Vaccination is one of the most cost-effective strategies for conferring immunity against a host of preventable diseases. The World Health Organization estimates that over 2.5 million child deaths are prevented annually worldwide due to vaccination efforts, however, an estimated 24 million children under the age of one are not reached by immunization programs. Infants must receive all recommended vaccinations in a timely manner to be fully protected from deadly infectious diseases such as tuberculosis, diphtheria, pertussis and polio. A large body of evidence has shown that children in socio-economically disadvantaged backgrounds are more likely to be vaccinated late, or not at all, compared to their counterparts from wealthier and more educated families, leaving them susceptible to preventable illness. While Tanzania has successfully achieved high national vaccination coverage, substantial regional variation exists and intermittent vaccination campaigns have masked poor rates of vaccination timeliness. In this proposal we seek to evaluate the feasibility and utility of combining two emerging types of interventions – mobile health (mHealth) and conditional cash transfers – to overcome individual barriers to timely vaccinations.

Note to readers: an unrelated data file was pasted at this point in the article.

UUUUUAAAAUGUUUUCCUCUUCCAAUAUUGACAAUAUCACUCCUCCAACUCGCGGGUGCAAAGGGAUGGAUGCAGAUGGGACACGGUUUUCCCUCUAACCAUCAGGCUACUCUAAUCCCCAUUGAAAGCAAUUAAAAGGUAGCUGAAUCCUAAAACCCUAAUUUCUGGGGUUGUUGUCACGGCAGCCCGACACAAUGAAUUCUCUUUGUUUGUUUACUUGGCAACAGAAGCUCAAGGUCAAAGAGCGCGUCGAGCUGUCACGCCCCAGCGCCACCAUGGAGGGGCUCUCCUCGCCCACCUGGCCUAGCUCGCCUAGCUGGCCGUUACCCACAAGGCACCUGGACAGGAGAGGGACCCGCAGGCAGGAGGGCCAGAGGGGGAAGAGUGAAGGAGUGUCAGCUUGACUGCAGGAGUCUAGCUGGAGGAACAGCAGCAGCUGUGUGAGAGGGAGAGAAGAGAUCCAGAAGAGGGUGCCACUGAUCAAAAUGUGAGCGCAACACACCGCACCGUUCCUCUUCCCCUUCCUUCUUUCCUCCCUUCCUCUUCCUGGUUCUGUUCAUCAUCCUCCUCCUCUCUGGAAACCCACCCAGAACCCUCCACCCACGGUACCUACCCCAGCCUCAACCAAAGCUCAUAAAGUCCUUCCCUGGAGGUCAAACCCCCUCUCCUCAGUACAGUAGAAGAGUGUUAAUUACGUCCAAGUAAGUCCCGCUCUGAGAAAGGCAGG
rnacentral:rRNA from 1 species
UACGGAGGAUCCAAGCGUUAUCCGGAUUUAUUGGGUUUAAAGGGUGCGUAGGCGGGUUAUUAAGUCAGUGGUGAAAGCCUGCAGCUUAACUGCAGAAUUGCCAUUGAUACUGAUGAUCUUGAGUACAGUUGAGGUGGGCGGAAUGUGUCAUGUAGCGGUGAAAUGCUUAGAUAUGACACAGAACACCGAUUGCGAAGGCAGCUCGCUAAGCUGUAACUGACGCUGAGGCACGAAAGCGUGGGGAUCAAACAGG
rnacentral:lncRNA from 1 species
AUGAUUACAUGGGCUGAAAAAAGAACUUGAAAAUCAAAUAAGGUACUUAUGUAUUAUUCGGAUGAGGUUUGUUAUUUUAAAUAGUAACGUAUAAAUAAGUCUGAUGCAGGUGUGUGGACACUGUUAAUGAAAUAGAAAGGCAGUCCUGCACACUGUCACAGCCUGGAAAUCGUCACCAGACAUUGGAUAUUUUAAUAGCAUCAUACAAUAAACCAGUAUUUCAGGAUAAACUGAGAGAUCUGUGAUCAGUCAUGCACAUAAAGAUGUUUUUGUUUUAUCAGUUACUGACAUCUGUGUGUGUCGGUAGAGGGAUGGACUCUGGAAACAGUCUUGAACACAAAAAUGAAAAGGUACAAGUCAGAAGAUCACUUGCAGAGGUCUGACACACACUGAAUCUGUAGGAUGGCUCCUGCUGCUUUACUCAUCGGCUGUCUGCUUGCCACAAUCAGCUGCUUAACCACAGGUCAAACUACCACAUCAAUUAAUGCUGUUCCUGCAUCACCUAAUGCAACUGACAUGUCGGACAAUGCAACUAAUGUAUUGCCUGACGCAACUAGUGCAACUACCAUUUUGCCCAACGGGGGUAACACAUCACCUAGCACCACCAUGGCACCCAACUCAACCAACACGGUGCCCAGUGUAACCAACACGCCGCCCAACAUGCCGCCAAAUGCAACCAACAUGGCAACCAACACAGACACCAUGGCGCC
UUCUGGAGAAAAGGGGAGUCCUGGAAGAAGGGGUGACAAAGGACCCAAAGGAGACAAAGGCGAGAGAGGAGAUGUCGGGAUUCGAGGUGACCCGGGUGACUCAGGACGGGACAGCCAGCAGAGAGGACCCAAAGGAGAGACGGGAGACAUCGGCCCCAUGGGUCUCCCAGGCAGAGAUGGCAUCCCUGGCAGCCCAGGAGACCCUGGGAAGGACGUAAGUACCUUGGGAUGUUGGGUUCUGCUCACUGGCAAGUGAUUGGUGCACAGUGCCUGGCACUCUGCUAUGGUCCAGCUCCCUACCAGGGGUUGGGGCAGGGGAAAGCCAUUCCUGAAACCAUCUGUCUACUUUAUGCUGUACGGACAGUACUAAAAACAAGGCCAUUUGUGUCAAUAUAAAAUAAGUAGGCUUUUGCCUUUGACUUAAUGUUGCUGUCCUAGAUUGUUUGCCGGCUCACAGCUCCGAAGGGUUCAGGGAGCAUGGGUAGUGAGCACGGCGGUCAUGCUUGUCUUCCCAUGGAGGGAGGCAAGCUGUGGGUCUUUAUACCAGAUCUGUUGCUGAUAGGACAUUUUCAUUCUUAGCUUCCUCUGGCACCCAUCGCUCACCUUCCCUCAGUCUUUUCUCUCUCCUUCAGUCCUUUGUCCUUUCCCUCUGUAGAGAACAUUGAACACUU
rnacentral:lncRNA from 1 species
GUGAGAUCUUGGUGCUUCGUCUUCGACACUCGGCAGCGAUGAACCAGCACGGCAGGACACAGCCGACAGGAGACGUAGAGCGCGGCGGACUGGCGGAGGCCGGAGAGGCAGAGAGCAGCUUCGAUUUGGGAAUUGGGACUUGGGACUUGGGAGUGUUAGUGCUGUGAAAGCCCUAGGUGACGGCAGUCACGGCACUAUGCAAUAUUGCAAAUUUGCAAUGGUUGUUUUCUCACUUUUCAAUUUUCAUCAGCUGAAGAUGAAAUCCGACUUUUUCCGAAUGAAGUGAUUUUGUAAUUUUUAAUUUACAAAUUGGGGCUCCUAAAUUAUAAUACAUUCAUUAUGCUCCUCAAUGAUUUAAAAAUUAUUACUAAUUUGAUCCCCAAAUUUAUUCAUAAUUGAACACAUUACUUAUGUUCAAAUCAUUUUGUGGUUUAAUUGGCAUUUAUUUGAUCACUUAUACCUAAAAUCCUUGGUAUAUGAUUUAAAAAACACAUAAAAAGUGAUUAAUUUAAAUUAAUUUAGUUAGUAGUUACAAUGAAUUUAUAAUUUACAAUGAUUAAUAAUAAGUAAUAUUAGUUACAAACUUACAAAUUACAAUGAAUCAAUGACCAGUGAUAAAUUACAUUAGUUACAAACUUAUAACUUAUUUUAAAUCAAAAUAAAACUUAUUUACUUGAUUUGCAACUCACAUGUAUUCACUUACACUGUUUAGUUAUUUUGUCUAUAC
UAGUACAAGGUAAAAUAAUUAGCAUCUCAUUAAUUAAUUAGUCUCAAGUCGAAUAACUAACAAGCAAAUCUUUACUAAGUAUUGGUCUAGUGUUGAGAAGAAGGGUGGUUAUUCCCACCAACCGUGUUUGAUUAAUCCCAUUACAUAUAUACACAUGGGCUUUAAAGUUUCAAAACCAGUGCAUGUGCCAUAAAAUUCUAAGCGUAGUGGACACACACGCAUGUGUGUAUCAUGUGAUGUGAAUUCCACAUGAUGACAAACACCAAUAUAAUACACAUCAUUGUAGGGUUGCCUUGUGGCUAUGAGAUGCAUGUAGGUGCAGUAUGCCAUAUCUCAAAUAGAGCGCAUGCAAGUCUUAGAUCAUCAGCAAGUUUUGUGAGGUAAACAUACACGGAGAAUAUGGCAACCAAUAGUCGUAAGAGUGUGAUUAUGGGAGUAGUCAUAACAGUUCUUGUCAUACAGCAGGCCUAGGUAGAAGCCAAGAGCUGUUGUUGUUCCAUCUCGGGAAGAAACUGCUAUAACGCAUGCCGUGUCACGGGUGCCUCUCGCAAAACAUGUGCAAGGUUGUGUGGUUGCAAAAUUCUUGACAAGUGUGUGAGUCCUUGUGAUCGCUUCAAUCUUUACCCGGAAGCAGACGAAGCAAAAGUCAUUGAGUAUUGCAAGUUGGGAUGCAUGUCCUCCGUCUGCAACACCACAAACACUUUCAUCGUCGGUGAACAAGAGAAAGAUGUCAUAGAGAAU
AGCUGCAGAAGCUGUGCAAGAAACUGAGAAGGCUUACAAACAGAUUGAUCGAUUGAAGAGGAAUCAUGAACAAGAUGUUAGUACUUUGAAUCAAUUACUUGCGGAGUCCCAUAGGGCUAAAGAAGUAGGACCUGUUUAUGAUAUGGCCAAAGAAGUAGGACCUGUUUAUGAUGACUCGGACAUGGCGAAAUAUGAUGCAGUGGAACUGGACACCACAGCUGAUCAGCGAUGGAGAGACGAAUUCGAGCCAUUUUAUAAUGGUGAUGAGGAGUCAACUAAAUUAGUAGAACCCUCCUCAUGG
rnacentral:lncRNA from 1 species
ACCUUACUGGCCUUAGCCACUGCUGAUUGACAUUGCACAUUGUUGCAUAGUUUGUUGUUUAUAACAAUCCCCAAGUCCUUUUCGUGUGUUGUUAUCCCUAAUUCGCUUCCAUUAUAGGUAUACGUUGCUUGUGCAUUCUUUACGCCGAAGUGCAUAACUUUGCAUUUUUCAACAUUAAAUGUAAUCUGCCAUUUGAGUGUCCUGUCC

Principal Investigator(s): Lavanya Vasudevan, Jan Ostermann (USC), Joy Noel Baumgartner